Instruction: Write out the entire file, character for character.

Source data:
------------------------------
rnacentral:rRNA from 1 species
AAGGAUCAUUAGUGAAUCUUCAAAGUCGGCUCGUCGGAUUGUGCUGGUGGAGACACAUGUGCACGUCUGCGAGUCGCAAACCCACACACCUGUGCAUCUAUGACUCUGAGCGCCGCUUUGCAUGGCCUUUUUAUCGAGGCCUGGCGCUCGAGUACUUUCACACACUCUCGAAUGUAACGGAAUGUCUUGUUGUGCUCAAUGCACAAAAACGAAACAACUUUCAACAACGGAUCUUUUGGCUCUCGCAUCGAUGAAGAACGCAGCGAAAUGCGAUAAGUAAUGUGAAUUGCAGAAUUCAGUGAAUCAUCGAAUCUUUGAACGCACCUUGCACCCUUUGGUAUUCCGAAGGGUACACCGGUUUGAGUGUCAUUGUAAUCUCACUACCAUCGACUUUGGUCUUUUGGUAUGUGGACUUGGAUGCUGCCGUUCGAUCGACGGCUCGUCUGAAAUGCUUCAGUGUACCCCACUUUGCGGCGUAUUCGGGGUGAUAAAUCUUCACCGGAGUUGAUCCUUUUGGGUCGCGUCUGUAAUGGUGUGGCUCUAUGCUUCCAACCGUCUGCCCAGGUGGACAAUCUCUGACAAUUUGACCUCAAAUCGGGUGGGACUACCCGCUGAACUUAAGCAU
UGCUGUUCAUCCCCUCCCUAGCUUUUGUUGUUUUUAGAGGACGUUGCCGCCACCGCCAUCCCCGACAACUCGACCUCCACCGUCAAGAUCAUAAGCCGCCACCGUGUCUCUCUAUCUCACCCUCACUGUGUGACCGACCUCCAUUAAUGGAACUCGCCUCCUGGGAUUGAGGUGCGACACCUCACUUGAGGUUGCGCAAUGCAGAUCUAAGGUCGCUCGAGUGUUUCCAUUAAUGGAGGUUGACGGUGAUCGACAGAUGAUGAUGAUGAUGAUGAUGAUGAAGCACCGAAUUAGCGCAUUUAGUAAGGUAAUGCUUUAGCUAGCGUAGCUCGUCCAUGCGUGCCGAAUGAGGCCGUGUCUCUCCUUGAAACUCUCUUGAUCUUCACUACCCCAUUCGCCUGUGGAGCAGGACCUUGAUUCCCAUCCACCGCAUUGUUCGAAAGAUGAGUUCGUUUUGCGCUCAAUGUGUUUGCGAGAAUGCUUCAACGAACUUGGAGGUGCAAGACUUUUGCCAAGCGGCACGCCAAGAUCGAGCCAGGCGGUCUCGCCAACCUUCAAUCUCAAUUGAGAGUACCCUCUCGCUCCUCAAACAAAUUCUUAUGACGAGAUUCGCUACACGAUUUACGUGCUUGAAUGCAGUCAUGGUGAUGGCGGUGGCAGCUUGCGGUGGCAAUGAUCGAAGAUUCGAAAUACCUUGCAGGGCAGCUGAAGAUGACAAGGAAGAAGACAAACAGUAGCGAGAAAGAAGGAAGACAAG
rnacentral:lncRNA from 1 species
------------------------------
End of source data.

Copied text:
rnacentral:rRNA from 1 species
AAGGAUCAUUAGUGAAUCUUCAAAGUCGGCUCGUCGGAUUGUGCUGGUGGAGACACAUGUGCACGUCUGCGAGUCGCAAACCCACACACCUGUGCAUCUAUGACUCUGAGCGCCGCUUUGCAUGGCCUUUUUAUCGAGGCCUGGCGCUCGAGUACUUUCACACACUCUCGAAUGUAACGGAAUGUCUUGUUGUGCUCAAUGCACAAAAACGAAACAACUUUCAACAACGGAUCUUUUGGCUCUCGCAUCGAUGAAGAACGCAGCGAAAUGCGAUAAGUAAUGUGAAUUGCAGAAUUCAGUGAAUCAUCGAAUCUUUGAACGCACCUUGCACCCUUUGGUAUUCCGAAGGGUACACCGGUUUGAGUGUCAUUGUAAUCUCACUACCAUCGACUUUGGUCUUUUGGUAUGUGGACUUGGAUGCUGCCGUUCGAUCGACGGCUCGUCUGAAAUGCUUCAGUGUACCCCACUUUGCGGCGUAUUCGGGGUGAUAAAUCUUCACCGGAGUUGAUCCUUUUGGGUCGCGUCUGUAAUGGUGUGGCUCUAUGCUUCCAACCGUCUGCCCAGGUGGACAAUCUCUGACAAUUUGACCUCAAAUCGGGUGGGACUACCCGCUGAACUUAAGCAU
UGCUGUUCAUCCCCUCCCUAGCUUUUGUUGUUUUUAGAGGACGUUGCCGCCACCGCCAUCCCCGACAACUCGACCUCCACCGUCAAGAUCAUAAGCCGCCACCGUGUCUCUCUAUCUCACCCUCACUGUGUGACCGACCUCCAUUAAUGGAACUCGCCUCCUGGGAUUGAGGUGCGACACCUCACUUGAGGUUGCGCAAUGCAGAUCUAAGGUCGCUCGAGUGUUUCCAUUAAUGGAGGUUGACGGUGAUCGACAGAUGAUGAUGAUGAUGAUGAUGAUGAAGCACCGAAUUAGCGCAUUUAGUAAGGUAAUGCUUUAGCUAGCGUAGCUCGUCCAUGCGUGCCGAAUGAGGCCGUGUCUCUCCUUGAAACUCUCUUGAUCUUCACUACCCCAUUCGCCUGUGGAGCAGGACCUUGAUUCCCAUCCACCGCAUUGUUCGAAAGAUGAGUUCGUUUUGCGCUCAAUGUGUUUGCGAGAAUGCUUCAACGAACUUGGAGGUGCAAGACUUUUGCCAAGCGGCACGCCAAGAUCGAGCCAGGCGGUCUCGCCAACCUUCAAUCUCAAUUGAGAGUACCCUCUCGCUCCUCAAACAAAUUCUUAUGACGAGAUUCGCUACACGAUUUACGUGCUUGAAUGCAGUCAUGGUGAUGGCGGUGGCAGCUUGCGGUGGCAAUGAUCGAAGAUUCGAAAUACCUUGCAGGGCAGCUGAAGAUGACAAGGAAGAAGACAAACAGUAGCGAGAAAGAAGGAAGACAAG
rnacentral:lncRNA from 1 species